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Opposition in Thailand vows to resume protests December 6

December 05, 2013, 12:02 UTC+3 BANGKOK
Oppositionists have ignored the request of Prime Minister Yingluck Shinawatra to extend a tacit moratorium on street protests at least till December 7
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BANGKOK, December 05. /ITAR-TASS/. Protesters in Thailand will resume their antigovernment actions early on December 6, having a lull for just one day, the king’s 86th birthday, opposition leader Sutep Taugsuban said on Thursday.

“We will begin as soon as it dawns and will fight until we win,” the opposition leader said.

On Thursday, Thai people mark the 86th birth anniversary of King Phumiphon Adunyadet. Any manifestation of aggression would be seen as a show of disrespect for the monarch esteemed by all parties in that lingering political conflict.

Oppositionists have ignored the request of Prime Minister Yingluck Shinawatra to extend a tacit moratorium on street protests at least till December 7, letting the government hold an official reception in Bangkok to mark the king’s birthday. Despite expected protests, the prime minister believes the situation in the country is gradually improving. “Even if we cannot yet say the situation has normalized, it has surely improved,” Shinawatra said. On December 8 she is to leave Thailand for the first time since major riots began, going to Russia for an official visit. Earlier, the prime minister cancelled a trip to Singapore because of a tense situation. However, the Moscow visit is still on the agenda as well as visits to Myanmar and Japan later in December.

Yingluck Shinawatra keeps insisting that the nation that divided into supporters and opponents of the regime which is dubbed in Thailand as “Taksinism” needs a reconciling decision born solely in a dialogue. “I would like to invite scientists, business people and representatives of all political groups, including protesters, to think together and find a solution and then move towards political reforms within the framework of a democratic process with the king at the head,” the prime minister said.

The organizers of political rallies in Thailand once again returned on Thursday to a peaceful scenario following an escalation of violence. An opposition rally near the National Police headquarters in Bangkok ended with the approval of a petition to the authorities, after which protesters broke up. In the morning, a group of protesters drove to the police building from the compound of government buildings in Bangkok’s Chaengwattana area. Law enforcement officers hurriedly put up barriers at the entrance to the headquarters, using barbed wire and concrete blocks. However, after negotiating with the protesters, police opened the gate to listen to them.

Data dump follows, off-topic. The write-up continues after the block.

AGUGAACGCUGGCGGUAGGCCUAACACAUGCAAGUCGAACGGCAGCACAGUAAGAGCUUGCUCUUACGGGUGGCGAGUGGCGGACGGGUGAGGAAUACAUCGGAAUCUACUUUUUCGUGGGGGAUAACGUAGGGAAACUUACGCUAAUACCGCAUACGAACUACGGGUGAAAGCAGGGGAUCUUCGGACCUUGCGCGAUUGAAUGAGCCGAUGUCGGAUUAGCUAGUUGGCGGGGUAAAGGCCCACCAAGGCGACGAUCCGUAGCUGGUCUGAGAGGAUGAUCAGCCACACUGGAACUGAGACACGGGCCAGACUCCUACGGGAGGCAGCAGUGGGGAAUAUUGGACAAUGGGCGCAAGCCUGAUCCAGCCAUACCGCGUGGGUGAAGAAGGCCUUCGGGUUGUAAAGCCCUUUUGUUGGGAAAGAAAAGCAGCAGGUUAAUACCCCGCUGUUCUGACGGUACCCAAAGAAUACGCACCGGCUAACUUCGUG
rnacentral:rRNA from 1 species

Protesters demanded from police explanations as to what they described as inactivity during an outbreak of violence near Ramhamhaeng University, when five people were killed on the night of November 30 in clashes of opposition-minded students and pro-government demonstrators. Protesters also demanded from law enforcement agencies not to use force any longer against anti-government demonstrators. They stated their demands in a petition addressed to the head of the National Police giving him one week for an answer, and then left the site peacefully.

Prime Minister Yingluck Shinawatra, for her part, could return on Wednesday to her main residence, the Government House, for the first time over the past few days. According to her aides, the prime minister had a meeting with the ministers to assess economic damage for Thailand as a result of opposition protests in Bangkok.

Protesters, demanding the resignation of the prime minister and dissolution of the parliament, tried to storm the Government House within December 1-3. However, on Tuesday concrete barriers and barbed wire around the building were dismantled, and protesters could enter the territory. Symbolically ‘seizing’ the Government Building they retreated.

The situation in Thailand is expected to normalize shortly, Royal Thai Navy Commander-in-Chief Admiral Narong Pipatanasai told reporters. He also ruled out the possibility of a military coup in the country which has seen 19 military coups over the past 80 years.

“There will be no coup. The tension is easing. The armed forces don’t take part in the conflict. I think that everything will be back to normal shortly,” he said.

Meanwhile, protesters in Bangkok continue holding the building of the Thai Finance Ministry, the square around the Democracy Monument Square and the territory outside the Government Complex at Chaengwattana. Opposition leader Sutep Taugsuban vowed to continue fight against the government of Shinawatra “until complete victory or death”. He also said that on December 5, protesters would have their own festivities marking the king’s birthday at the sites they controlled.

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